Whether you are just starting your first Java program, or you are a well experienced programmer, your code can not be an error free code and compile successfully from the first time. At the least you may confuse variable names, forget to declare a variable, or miss a semicolon.
Java language errors, just like all other programming languages, can be either syntax errors or logical errors. Syntax errors, also called compile time errors, are illegal use of statements in terms of programming language rules. When the compiler catches them it generates an error message indicating the class name, line number where the error is found, and the type of error. However, sometimes the actual error may not actually be in the line indicated in the message. You would want to look in and somewhere before these lines to locate the error.
This happens because syntax errors can be tricky sometimes; one error may lead to more than one error message. A missing semicolon for example causes the following one or more lines to be invalid, and thus generates error messages for all of them. Once you fix that error, all following messages will be cleared.
When writing a program with Java, syntax errors are almost unavoidable, so do not panic or get disappointed when you encounter them. Some of these errors are very common and you are very likely to encounter one or more of them when compiling your code. The fact is, you cannot avoid them. So the best way to deal with them is to get yourself familiar with them and know how to fix them. Below are some of the most common errors along with their solutions.
Capitalization Errors: Java language is case sensitive, variable names must be exactly the same, Total is not the same as total and not the same as toTal.
The file name is different than the public class name: The class should be saved in a file with exactly the same name; a Shirt class should be saved in a file named Shirt.java. Saving it to a different file name will give a compiling error.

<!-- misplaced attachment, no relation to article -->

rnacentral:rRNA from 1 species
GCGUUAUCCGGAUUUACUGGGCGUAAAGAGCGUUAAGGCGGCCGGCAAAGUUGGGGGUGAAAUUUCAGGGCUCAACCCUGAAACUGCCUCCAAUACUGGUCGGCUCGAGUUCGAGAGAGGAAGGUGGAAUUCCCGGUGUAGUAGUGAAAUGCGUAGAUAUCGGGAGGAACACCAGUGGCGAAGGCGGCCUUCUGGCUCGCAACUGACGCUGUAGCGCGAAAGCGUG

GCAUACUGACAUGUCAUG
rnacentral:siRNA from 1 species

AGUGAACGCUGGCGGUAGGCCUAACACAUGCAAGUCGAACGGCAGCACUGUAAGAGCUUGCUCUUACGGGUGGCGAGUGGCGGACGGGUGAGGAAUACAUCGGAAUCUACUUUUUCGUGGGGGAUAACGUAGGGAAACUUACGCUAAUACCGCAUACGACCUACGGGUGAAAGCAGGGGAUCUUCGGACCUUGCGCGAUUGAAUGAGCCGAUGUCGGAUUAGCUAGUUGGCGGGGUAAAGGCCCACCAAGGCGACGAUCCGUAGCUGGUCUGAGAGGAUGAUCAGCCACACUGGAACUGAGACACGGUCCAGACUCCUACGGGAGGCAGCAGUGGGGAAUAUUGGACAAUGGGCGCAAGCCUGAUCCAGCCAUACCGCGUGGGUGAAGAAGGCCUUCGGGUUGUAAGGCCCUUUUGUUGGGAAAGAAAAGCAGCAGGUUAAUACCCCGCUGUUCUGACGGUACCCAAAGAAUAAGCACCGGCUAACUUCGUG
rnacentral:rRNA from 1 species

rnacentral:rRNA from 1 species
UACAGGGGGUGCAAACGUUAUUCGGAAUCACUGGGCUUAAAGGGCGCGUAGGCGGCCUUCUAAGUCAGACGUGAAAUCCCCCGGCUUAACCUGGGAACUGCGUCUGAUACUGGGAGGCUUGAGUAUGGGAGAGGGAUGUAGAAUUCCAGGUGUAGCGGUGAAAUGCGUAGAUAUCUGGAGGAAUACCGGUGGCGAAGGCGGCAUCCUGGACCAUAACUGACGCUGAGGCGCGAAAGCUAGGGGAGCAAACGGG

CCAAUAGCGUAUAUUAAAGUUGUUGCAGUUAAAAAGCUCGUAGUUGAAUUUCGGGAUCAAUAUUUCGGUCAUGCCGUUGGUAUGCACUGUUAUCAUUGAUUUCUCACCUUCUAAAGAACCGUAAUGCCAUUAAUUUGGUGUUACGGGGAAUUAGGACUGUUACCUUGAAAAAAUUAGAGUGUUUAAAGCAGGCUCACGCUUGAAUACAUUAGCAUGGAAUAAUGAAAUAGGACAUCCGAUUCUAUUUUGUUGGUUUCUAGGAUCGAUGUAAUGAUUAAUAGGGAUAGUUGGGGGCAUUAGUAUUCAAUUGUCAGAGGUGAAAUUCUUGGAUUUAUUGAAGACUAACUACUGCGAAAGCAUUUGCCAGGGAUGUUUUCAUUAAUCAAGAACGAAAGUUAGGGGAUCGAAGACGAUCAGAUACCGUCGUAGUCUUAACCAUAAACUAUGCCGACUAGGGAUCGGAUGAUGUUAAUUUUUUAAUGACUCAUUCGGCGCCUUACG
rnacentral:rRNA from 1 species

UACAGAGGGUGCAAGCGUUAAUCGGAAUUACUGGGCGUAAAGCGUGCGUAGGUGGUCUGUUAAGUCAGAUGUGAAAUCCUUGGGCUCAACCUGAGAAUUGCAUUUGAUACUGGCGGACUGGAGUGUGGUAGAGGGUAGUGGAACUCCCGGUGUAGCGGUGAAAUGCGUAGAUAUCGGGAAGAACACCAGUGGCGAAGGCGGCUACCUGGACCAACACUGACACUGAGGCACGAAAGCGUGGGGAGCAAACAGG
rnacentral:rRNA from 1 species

Javac cannot find the class: When you save your classes, or source codes, they have to be in the very same directory where your javac.exe is. This file is responsible for compiling your codes and is created automatically when you download and successfully install the DSK machine. Generally you would install the SDK into your C: drive so there where your javac file will reside. Thus when saving your source code you need to save it in the C: directory in a folder named java.
"javac is not recognized as an internal or external command, operable program or batch file" (for Windows System) or "javac: Command not found" (for UNIX System): This means that your compiler cannot find your javac. This is due to one of two reasons, either you do not have a javac at all because you did not install the correct machine, or you did not set your PATH correctly. In this case you need to properly set your PATH, or you will have to type in the full file name path to execute it.
"Exception in thread "main" java.lang.NoClassFoundError: 'fileName': You probably misspelled the fileName, remember that java is case sensitive.
"Line nn: ';' expected": This means you moved to a new line without signaling to the compiler. When your string, or code line, is too long to fit in one line, you may want to split into two lines. Doing that just by pressing the Enter key will confuse the compiler and generate an error. Instead you will need to concatenate with a '+' sign. That is split your string into two lines, ending the first with a '+' before moving to the second line.
Ashwak Sarhan is a Java tutor for Baker College Online.
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